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Wednesday, September 16, 2020

ANALYSIS/OPINION:

Frigate mackerel, red soldier fish, yellow fin and bigeye tuna are jumping again after Beijing’s three-and-a-half-month summer fishing ban in the roiling South China Sea.

This signals a harvest for the thousands of fishing vessels from Hainan, Haiphong, Da Nang and Ly Son. Even the U.S. has cast its net into the contested waters by way of a recent Memorandum of Understanding between the State Department’s Bureau of International Narcotics and Law Enforcement Affairs (INL) and the Vietnamese Agriculture Ministry’s Directorate of Fisheries (DFISH).


While the MoU is intended to strengthen Vietnam’s fisheries management and law enforcement capabilities, most South China Sea observers suggest that it is Washington’s way to help Hanoi address China’s unlawful actions associated with maritime claims in the disputed waters. Even during the current COVID-19 pandemic, China established de facto control over the South China Sea by sinking a Vietnamese fishing boat, conducting military exercises near the Paracel Islands, and declaring greater restrictions over freedom of navigation.

The Trump administration’s broadside at Beijing boosts Vietnam’s maritime capabilities since a key component of the agreement includes direct support against illegal “intimidation” of Vietnamese fishermen at sea and foster greater cooperation to ensure sustainable living marine resources and combat illegal, unreported and unregulated (IUU) fishing. 

“The world will not allow Beijing to treat the South China Sea as its maritime empire,” claims Secretary of State Mike Pompeo. He added, “America stands with our Southeast Asian allies and partners in protecting their sovereign rights to offshore resources, consistent with their rights and obligations under international law.”

This declaration represents the first time that Washington has publicly endorsed the integrity of the 2016 Permanent Court of Arbitration Hague decision on the status of certain features in the Spratly Islands and represents a reversal from previous neutral American policy position in the disputed South China Sea. 

Vietnam’s alignment with the U.S. is geopolitically timely since Hanoi is still flagged with a “yellow card” issued from the European Union over IUU issues. Washington’s objective is to ensure that Vietnamese fishermen adhere to international maritime rules and not be fearful of outside intimidation from other neighboring vessels. 

While Vietnam has made progress with its transparency on fishery products, there remain issues associated with traceability and overall monitoring of fish catches. The problem is that many Vietnamese fishing vessels continue to fish illegally in foreign waters. 

The pandemic distractions enable fishers to operate from the premise that there’s lax enforcement and backslide into illegal operations. Since 2014, Indonesia has blown up and sunk several hundred fishing vessels, including fishing boats from Vietnam for allegedly violating its waters.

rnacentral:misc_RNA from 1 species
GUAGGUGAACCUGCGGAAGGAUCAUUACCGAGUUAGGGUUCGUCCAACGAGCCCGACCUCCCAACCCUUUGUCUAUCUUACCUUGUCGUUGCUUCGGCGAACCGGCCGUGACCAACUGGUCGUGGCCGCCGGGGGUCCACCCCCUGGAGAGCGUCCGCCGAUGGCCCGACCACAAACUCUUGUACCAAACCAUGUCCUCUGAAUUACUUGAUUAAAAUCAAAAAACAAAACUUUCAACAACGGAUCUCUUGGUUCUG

A lot is at stake in fishery revenues. According to Seafood Source, Vietnam had almost $10.5 billion in exports from seafood products in 2019, up by 23% compared to 2017 figures. Vietnam Seafood Exporters and Producers believes that the country also has one of the fastest-growing fishing fleets in the world, increasing from 40,000 in 1990 to nearly 108,500 in 2018. 

If Vietnam is to deliver a credible fisheries management regime, that can return fishing efforts to sustainable levels and eradicate the bulk of illegal fishing by its fleet, it must take steps to target the illegal Vietnamese operators in both domestic and international waters. This includes compliance with vessel monitoring systems that specify the placement location on board the vessel.

The recent agreement between Washington and Hanoi does bolster the enforcement of strict limits to fishing efforts and offers deterrents for violators. However, for local fishermen their coastal waters remain overfished and their only alternative is to head for deep waters. 

“There are too many fishing boats. We must go further and further knowing that it’s dangerous,” claims Dang Van Nhan, a third-generation boat Da Nang captain, who has been casting his long-line nets into the turbulent South China Sea for two decades. 

Recent data from the Fujian Ocean and Fisheries Bureau reveals that China’s 2,900 distant-water vessels continue to plunder the ocean, often disguising their true location, employing destructive fishing techniques and flouting territorial borders of sovereign nations. 

As part of initiatives and allocated resources to address compliance with protection of fisheries and the marine environment, there’s Vietnam’s Fisheries Resources Surveillance. A governmental agency non-military task force established in 2013, it is responsible for patrolling, checking, controlling and detecting violators. 

Vietnam’s activities in the protection of fisheries were highlighted in 2016, when they responded along with marine scientists and government officials to Ha Tin province, where Taiwan’s Formosa Plastics Corp. released chemicals, including cyanide and phenols, into the coastal waters. The results: a massive fish kill and the end of many livelihoods in the fishing industry.

Vietnamese citizens love their East Sea (as they refer to the South China Sea), and their fishermen. No international agreements or government marine oversight agencies will earn the “people’s heart and mind” about the sea. They only want fishermen to follow the fish and the law as stewards of the ocean. 

• James Borton is a senior environmental security writer and researcher and a non-resident fellow of Tufts University Science Diplomacy Center.


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